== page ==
We Will Not Be Moved documents the unpredictable reality for thousands of Cambodia’s poor that are being forcibly evicted from their houses in the name of urban development. Cambodia’s land ownership was thrown into chaos when Pol Pot’s Khmer Rouge extinguished private title but now money and corruption are playing havoc with the country’s attempts to bring back private property. There is one brave group known as the BK13—a group of 13 women—that are not prepared to let greedy developers take the very, very little they have. But with half a million residents forcibly evicted in recent years, it’s an enormous fight they have on their hands…
Combining graphs and other visual examples in animation, this short film goes through the issues surrounding the collapse of industrial civilisation—by collating the interconnectedness of energy depletion, carrying capacity, population growth, peak natural resource extraction, and other issues with the problems of exponential economic growth on a finite planet. Can this current way of life continue? The film takes us through these problems and also examines some of the many flaws inherent in some proposed solutions, such as ‘change-by-personal-consumer-choice’, or the vague belief in technology as the deus ex machina to save the day. These serious problems need serious solutions and require a radical rethinking of this current way of life that cannot continue indefinitely. Time is short…
Climate Of Doubt is an investigation into the growing forces manipulating public opinion on the scientific consensus of impacts to global climate by industrial civilisation. A massive disinformation campaign is growing from the fronts of government and corporate interests to undermine scientific processes and reshape public perceptions. Climate Of Doubt ventures inside these organisations to demonstrate the strong influence of the global politick on maintaining established denial, and ignoring culpability on the issue of anthropogenic climate change.
Cypherpunks is a movement originating from the 1980s aiming to improve Internet privacy and security through proactive use of cryptography. With WikiLeaks being a recent offshoot of the many projects derived from the Cypherpunk movement, WikiLeaks editor Julian Assange talks with three activists from the Cyberpunk world to cover the topics of mass surveillance and social control being tied directly into technology as modern society progressively intertwines with technological progress…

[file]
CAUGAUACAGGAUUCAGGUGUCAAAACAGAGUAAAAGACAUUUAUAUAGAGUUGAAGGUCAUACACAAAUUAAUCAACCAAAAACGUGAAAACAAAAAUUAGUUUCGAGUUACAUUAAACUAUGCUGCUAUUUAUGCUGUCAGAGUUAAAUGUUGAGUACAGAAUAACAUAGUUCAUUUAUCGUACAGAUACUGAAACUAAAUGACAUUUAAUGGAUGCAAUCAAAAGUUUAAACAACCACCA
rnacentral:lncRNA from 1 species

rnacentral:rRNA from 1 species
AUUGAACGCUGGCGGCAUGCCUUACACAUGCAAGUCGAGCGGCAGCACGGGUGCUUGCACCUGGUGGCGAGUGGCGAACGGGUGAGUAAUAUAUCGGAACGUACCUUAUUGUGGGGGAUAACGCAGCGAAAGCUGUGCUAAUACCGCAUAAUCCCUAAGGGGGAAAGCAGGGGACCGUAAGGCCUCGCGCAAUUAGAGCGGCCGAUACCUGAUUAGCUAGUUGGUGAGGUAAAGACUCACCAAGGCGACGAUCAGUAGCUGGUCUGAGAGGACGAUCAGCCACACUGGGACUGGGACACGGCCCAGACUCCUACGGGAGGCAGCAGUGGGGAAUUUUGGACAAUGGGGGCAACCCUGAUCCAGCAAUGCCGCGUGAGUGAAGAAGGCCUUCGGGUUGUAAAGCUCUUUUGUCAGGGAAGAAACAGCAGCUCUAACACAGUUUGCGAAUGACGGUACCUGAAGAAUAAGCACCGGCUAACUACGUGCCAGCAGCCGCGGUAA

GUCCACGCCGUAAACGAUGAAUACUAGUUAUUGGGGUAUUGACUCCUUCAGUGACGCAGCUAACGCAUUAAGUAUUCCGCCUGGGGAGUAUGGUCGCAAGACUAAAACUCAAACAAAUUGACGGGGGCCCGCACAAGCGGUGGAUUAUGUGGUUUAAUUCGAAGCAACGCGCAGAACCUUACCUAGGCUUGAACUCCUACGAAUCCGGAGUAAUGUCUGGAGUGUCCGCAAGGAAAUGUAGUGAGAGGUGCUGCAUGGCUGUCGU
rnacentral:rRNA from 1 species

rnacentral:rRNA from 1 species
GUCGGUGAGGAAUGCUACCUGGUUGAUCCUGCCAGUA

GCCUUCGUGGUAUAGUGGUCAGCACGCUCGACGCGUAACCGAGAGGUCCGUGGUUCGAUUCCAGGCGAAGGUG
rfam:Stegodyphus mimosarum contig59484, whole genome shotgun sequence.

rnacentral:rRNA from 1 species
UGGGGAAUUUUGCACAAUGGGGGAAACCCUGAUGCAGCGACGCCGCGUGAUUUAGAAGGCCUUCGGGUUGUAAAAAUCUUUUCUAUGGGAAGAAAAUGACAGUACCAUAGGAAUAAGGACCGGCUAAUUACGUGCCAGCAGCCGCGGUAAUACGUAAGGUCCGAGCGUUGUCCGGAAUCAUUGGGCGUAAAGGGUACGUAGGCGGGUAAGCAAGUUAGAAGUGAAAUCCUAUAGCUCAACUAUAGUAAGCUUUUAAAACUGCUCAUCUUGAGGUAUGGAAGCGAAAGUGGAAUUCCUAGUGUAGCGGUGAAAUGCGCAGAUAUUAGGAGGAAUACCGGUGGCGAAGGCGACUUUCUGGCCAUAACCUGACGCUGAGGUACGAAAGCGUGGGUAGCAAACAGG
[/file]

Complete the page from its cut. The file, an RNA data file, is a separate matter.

John Pilger talks about the various mainstream media commonalities of today—censorship by omission, information management, Public Relations and the ‘massaging of information’, as well as the clever distractions such as the election of Obama as a war monger in the land of slavery, alongside figures such as Hillary Clinton and Julia Gillard as a false win for so-called ‘feminist ideals.’ Amongst the ongoing wars played by the United States, Britain and Australia, Media And War — Challenging The Consensus is a renewed call to unravel complex propaganda and cut through distractions.
Over the past decade, the United States military has shifted the way it fights its wars, deploying more technological systems in the battlefield than human forces. Today there are more than 7,000 drones and 12,000 ground robots in use by all branches of the military. These systems mean less deaths for US troops, but increased killings and precision elsewhere for the United States war machine. With lethal drone strikes being carried out in secret by the CIA and occurring outside of officially declared war zones such as Pakistan, Yemen and Somalia, the secret use of robots and drones in this way evokes serious questions about the operations of the United States and what this means for the rest of the world as more and more autonomy is developed for these technologies.
On 20th April 2010, the Deepwater Horizon oil rig exploded off the Gulf of Mexico in the United States, killing eleven workers, and spewing millions of barrels of oil into the ocean for weeks. Dirty Energy brings to light the personal stories of the Louisiana fishermen and local residents directly impacted by one of the worst environmental disasters in recent history, as they struggle to rebuild their lives and contend with emerging health crises related to the toxic dispersants used to clean up the explosion.